Sunday, November 02, 2008

Egyptologist talks cultural origins at Hierakonpolis

Daily Vanguard (Caitlin Loughran)

"It sounds like a bad joke. Eight Dogs, six cats and a baboon walk into a bar…."

These are the words of Egyptologist Renee Friedman, describing her experience excavating a burial site in Hierakonopolis, Egypt, containing multiple animals that some believed served as guardians and protectors of the site.

Friedman gave a lecture last night in the Smith Memorial Student Union to talk about the most recent discoveries in Hierakonopolis--a city about 400 miles south of Cairo that is often associated with the origins of Egyptian society.

The city is the site of the first pharaohs, as well as the development of structures which the Egyptian pyramids were deliberately modeled after.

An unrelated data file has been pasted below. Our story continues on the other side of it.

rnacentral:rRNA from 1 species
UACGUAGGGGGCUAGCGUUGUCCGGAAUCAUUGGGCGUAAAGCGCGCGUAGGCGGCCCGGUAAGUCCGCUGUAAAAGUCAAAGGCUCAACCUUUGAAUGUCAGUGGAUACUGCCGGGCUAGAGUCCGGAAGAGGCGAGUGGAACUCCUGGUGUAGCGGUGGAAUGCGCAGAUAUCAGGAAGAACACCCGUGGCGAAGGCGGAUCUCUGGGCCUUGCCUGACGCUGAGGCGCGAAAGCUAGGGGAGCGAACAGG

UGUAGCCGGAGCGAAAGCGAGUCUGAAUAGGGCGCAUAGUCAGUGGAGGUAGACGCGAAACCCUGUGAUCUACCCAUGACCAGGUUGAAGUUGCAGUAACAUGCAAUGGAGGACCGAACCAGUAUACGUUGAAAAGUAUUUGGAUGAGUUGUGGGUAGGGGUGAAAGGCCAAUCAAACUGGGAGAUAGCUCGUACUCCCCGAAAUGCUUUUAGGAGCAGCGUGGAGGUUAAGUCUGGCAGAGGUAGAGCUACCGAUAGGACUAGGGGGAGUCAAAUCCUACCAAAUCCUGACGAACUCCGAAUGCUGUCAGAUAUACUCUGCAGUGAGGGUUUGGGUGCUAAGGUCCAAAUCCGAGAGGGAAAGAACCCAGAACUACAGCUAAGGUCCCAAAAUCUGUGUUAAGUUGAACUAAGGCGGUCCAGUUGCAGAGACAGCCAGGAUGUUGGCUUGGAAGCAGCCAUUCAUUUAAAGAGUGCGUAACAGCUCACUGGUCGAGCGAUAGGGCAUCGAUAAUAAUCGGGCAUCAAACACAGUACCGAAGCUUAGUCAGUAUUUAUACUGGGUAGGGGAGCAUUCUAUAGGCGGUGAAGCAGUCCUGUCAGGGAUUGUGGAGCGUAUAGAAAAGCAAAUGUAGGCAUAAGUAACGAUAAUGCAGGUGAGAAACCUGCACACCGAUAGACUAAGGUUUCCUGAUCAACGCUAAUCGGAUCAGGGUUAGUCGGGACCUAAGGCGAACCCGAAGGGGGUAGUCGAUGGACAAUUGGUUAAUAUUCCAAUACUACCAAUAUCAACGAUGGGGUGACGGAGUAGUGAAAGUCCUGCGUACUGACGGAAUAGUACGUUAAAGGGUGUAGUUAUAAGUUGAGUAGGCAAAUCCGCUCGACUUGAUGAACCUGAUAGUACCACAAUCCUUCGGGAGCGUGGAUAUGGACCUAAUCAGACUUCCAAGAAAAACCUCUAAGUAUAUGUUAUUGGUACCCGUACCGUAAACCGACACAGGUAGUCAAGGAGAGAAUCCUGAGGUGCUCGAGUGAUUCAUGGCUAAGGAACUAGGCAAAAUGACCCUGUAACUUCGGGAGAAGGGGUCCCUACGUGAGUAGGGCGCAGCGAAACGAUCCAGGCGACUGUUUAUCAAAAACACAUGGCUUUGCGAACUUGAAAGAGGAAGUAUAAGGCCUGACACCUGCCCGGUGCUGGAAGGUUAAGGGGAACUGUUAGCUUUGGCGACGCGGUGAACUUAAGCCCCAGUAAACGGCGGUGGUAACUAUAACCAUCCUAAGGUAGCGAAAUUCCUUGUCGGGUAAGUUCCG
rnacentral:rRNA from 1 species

Friedman is not your typical Egyptologist, however during the presentation she cracked some jokes, and called Hierakonpolis "the Milwaukie of upper Egypt."

Friedman and a team of archaeologists spent the last 25 years investigating the site, which before 3100 B.C. (what is known as the Predynastic period in Egyptian history) was called Nekhen.

See the above page for more.

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